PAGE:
New CD Features Friendly Dragon

CD cover art by Molly Knobloch, with graphic design by Mel Green.

CD cover art by Molly Knobloch, with graphic design by Mel Green.

My new CD is here! It’s called “Amazing!” It has a happy, musical dragon on the cover, drawn by my talented artist daughter, Molly Knobloch. The dragon is featured in the song “No Fire, Dragon!” which I wrote 10 years ago while working in a preschool classroom of children aged 3 and 4, in Lexington, MA.

For a limited time, you can hear this song for free on my SoundCloud site. The recording features the excellent sax playing of Billy Novick, who’s brought his multiple musical talents to several of my CDs.

But back to the song’s origins. I was just starting to write songs based on the reflections of children in the classrooms where I taught. I brought in a dragon puppet and asked the children what kind of song I should write about my dragon. A little girl held up her hand and shouted, “No fire, dragon!”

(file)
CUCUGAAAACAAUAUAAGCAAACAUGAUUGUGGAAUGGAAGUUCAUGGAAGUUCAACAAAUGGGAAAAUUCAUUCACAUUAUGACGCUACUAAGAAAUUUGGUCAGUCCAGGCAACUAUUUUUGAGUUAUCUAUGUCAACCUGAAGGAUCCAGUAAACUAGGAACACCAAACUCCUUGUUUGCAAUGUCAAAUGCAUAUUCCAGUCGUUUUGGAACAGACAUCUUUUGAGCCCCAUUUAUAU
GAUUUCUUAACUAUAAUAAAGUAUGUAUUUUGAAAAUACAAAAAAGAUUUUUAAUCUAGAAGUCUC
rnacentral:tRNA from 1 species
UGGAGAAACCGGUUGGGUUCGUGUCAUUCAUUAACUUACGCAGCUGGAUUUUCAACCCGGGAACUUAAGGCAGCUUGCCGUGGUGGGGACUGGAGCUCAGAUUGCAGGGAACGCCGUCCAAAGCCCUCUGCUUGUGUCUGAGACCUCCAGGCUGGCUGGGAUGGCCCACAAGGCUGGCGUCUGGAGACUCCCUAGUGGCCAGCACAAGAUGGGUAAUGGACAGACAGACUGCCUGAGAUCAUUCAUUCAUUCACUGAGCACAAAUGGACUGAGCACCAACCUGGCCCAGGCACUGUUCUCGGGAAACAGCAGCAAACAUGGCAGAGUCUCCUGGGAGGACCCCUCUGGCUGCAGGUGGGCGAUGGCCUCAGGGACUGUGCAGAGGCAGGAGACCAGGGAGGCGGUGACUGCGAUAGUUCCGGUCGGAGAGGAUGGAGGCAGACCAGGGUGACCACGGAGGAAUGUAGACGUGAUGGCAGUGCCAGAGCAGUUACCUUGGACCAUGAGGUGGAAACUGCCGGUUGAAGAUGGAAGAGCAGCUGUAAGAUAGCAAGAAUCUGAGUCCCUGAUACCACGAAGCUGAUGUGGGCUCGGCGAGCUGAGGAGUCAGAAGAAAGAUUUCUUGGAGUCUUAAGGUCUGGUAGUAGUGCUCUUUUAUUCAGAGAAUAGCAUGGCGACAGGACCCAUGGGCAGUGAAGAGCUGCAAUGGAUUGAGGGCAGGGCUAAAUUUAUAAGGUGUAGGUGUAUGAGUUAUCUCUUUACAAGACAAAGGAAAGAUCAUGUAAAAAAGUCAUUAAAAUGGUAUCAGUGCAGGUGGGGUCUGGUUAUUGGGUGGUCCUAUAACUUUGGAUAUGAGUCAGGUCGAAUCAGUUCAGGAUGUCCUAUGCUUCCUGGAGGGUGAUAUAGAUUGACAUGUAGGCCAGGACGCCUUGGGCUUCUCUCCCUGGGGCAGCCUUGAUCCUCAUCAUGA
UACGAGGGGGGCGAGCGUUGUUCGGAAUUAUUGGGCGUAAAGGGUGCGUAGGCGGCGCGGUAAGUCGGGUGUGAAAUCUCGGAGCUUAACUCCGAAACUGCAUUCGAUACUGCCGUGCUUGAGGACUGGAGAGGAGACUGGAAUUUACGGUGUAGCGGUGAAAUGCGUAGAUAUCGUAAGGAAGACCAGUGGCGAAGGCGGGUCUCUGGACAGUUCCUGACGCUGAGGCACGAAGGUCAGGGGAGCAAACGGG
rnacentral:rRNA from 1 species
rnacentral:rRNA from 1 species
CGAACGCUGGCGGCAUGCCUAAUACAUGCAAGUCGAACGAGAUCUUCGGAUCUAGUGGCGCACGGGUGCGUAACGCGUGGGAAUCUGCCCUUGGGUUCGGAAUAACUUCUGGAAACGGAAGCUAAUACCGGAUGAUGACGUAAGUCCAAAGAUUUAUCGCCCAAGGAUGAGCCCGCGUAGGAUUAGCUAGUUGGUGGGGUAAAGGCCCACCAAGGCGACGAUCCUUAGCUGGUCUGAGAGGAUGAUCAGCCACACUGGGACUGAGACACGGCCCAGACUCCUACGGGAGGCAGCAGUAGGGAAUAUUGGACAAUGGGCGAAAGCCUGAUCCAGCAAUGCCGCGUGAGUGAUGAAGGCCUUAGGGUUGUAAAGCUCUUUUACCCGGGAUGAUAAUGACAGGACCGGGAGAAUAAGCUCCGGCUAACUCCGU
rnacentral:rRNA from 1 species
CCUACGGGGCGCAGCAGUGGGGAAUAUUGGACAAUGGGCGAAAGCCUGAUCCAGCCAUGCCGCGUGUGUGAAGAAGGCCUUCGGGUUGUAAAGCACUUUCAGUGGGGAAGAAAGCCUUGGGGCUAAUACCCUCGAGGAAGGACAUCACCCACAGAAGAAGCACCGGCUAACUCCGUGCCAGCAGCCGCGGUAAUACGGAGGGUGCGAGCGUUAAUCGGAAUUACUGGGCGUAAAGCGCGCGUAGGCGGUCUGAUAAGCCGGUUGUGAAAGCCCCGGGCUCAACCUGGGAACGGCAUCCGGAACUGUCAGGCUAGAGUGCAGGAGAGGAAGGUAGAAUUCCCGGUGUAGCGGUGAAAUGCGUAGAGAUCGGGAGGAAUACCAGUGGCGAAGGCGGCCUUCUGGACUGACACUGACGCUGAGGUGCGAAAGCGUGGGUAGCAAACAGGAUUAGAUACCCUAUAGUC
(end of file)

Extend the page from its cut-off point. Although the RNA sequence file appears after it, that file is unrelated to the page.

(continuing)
With those words, a song was born. I worked from the comments of the children, who wanted a friendly dragon they could play with. In practical terms, they wanted to be sure that the dragon wouldn’t breathe fire, or eat them or their pets. They also liked the idea that the dragon could fly them around the sky, rather than playing its more traditional role of getting into duels with knights.